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The world is wide, and we want to see (and eat) all of it. We've partnered with VisitBritain to take a closer look at the foods, producers, restaurants, and regions that make Great Britain a top destination for food-loving travelers.
When Marcus Harrison, a wild food specialist and forager, arrived in Cornwall 30 years ago, he knew he’d found home. "I thought: 'Yes—I’ve got the sea on both sides!'" He quickly resolved to settle in this temperate corner of southwest England, where the salty roar of the Atlantic ocean meets a county of ancient hedgerows and abundant woodland—a rich and ideal landscape for foraging.
For a host of young chefs, restaurant owners and ethnobotanists living in Cornwall, picking and eating the food that grows around them is a shared enthusiasm. Get them talking about the cabbage-like sea beets that pepper the coastal paths, or the copious pineapple weed (wild chamomile) that grows on sand dunes and in surfer’s car parks, and you’ll discover how contagious eating what’s close by can become.
Autumn is the best time of year for foraging, according to Tim Spedding, former sous chef at London’s Michelin-starred The Clove Club, who is now Head Chef at Coombeshead Farm, a beautiful stone farmhouse turned restaurant and B&B in Lewannick, in north Cornwall—owned by April Bloomfield and Tom Hunt. “The mushrooms down here are insane!” Spedding tells me over the phone excitedly, “Money can’t buy ceps, chicken of the woods, cauliflower or puffball mushrooms that are better quality than what you can go and pick for yourself.”
And there’s little to match the pleasure of wild mushrooms cooked simply: “We have a great fireplace here, so I grill them with butter, garlic, thyme and rosemary.” For Spedding, the appeal of foraging comes down to its hand-in-hand relationship with preserving. It’s liberating to pick things when they’re in season and use them throughout the year in the form of vinegars and jams. “Rose Green, my predecessor, was an incredible forager so I’ve inherited this huge larder of interesting syrups and dried mushrooms.” Loveage, sorrel and rosemary vinegars bring a delicious well-rounded herbaceous taste to dishes. They cut perfectly through the sumptuous fats of a plate of lamb.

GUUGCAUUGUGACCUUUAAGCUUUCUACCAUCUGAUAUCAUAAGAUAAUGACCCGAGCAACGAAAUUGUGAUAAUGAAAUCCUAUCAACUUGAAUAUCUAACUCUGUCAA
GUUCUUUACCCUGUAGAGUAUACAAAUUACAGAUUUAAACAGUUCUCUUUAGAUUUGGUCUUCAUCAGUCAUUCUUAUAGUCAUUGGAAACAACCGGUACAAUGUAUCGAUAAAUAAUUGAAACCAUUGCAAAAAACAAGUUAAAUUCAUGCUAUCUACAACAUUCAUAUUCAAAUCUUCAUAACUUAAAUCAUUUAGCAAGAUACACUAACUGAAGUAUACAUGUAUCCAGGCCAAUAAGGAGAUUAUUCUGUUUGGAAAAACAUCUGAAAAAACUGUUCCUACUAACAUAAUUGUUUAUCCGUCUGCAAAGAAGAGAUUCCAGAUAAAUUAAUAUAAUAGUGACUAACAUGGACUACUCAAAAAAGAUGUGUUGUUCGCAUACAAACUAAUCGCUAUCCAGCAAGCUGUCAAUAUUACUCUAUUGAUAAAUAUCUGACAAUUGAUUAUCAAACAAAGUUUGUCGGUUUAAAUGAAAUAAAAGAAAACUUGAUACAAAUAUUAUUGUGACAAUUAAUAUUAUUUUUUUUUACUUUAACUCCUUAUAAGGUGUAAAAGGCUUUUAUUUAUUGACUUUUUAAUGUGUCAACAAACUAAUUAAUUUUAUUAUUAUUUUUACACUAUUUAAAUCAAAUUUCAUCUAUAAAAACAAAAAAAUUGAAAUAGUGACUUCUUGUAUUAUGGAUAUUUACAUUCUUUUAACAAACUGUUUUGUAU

For identifying species, Spedding uses Miles Irving’s The Foragers Handbook, especially for mushrooms. “I’ve heard there are good apps too, but I think that’s a bit silly. If you take your phone with you, you’re not going to do much relaxing.” He’s not exaggerating: before we finally speak, I call several times only to be met by his voicemail. I imagine him in the woods, blithely unaware.
“Sourcing locally and foraging is our way of trying to change things,” says Rory Blair, co-owner of The Kitchen, a cafe in coastal town Falmouth, which sources 80% of its produce from Cornwall. “You can’t do anything big, it’s just all small gestures and decisions—that’s how things change.”